Tuesday, 21 May 2013

How time marches on - here we are in the construction section already.  I have to plead guilty to having cut out my jeans by the skin of my teeth as May was a very busy month for me, with family 50th and 80th birthdays, weddings and rock gigs in Amsterdam.  Phew!

I tend to function in workable chaos for most of the time and I can't be tidy if I try.  Most of the time, this isn't a problem, but when I've been away from the sewing stuff for any length of time I can't find a thing for at least a couple of hours and other items disappear for longer.  Amongst other bits and pieces, I lost the pocketing for my jeans - couldn't find the stuff anywhere.  However, I was able to find a very nice substitute and cracked on.

I'm working on the jeans from last autumn/winter's Ottobre magazine - 5/2012.  These are straight legged and a fairly standard design, but I altered the slope of the front pockets to be more flattering to my pear shape.  I also changed the design of the topstitching on the rear pockets, as well as deepening the yoke.  The denim I'm using is from Ditto Fabrics in Brighton, I purchased it last year but didn't get around to conquering my jeans block till this year.  The denim has quite a strong vertical line to it - I'm not sure what the technical description is.  It has a little bit of stretch.

My topstitching thread is Coats extra strong thread, shade 6690.  It's a strong mustard yellow and looks good on the dark indigo denim.  I'm making a second pair of these jeans in non-stretch black twill and have been trying out different contrast threads for this, too.  Here are the topstitching tests:


The back pockets on these jeans are asymmetrical - of course, I cut out two the same.  Duuhh!  Fortunately, I'd added a nice extra bit of seam allowance on the top edge that gave enough room for a correction:


A little word about my zip.  I bought a bag full of zips from a haberdashers in London late last year and there are lots of metal zips in them.  Until I had a go at men's tailoring last year, I had no idea that there was such a thing as a curved zip - I'm sure you can guess which type I have a bag full of!  Here it is, in all its curving glory:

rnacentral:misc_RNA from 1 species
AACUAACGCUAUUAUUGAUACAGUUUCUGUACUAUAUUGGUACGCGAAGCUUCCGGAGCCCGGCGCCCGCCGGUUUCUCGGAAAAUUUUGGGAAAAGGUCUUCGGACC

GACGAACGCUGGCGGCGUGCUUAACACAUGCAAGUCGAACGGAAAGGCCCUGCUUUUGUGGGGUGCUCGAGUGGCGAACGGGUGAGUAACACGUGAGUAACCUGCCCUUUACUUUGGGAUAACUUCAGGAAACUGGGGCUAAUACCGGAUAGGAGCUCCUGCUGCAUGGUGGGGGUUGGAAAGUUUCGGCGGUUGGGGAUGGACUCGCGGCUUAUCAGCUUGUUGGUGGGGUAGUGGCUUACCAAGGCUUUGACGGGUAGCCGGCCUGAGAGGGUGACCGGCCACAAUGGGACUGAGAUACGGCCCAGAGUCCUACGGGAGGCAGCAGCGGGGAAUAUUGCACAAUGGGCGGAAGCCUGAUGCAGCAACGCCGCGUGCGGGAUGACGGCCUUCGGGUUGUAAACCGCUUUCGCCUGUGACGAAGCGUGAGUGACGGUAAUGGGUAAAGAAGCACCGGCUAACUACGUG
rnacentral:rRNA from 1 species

I've got quite a lot of the construction done now.  Before getting the sewing machine out, I overlocked all edges that would be exposed.  Most instructions tell you to do this as you go along, but I'm a bit tight on space in my loft and constantly putting away one machine to take another out is a bit of a pain so I prefer to do this en masse.  Besides, there's plenty of swapping between normal thread & needle and the topstitching arrangement during the rest of construction to keep busy.  This is what my modified front pocket and positioned coin pocket look like:


I'm using Prym 9mm rivets to reinforce various points.  I bought the pliers that Prym make some months ago and can be used with their various poppers, eyelets and rivets, etc.  They were just over £15 but I've used them many times now and they are very good - much better than those little press things that come in the fastening packs.

The front fly construction wasn't too arduous.  There are a couple of tricky bits to watch for, both concerning the zip.  When you're sewing the fly, where you'd usually just sew straight over a nylon zip without too much thought, you can't do this with a metal one.  If you're lucky, you'll just break your needle.  If not, you'll jam your machine and have sharp, pointy needle shrapnel flying at your face.  When you get to the bit where you sew across the zip, gently hand wheel over the danger area, then continue as usual.

So here are some pics of where I'm up to so far.  I need to add the belt loops (already sewn), interface my waistband facing, add the waistband to the jeans and finish the belt loops.  The very last will be to sew a buttonhole and add the jeans button.  Jobs for tomorrow evening.


Looking at this pic of the front, I forgot to say that I had some trouble with getting my machine to do effective bar tacks.  Rather than re-do it countless times on the machine, I opted for the old fashioned method of needle, thread and thimble.  Quick, easy and effective!

Here's the back view - my pockets aren't perfect as they're not quite a mirror image of each other, but they're good enough.  I was going to add some little fabric tags, but decided that there's enough going on here with all the topstitching and rivets.  My apologies if you get a stiff neck looking at this - I can't figure out how to rotate the image on the blog!


Finally, here's the topstitching on the inseam:


That's all for now, folks, more later in the week.

1 comment:

  1. looks like they're comming along nicely!
    Helen

    ReplyDelete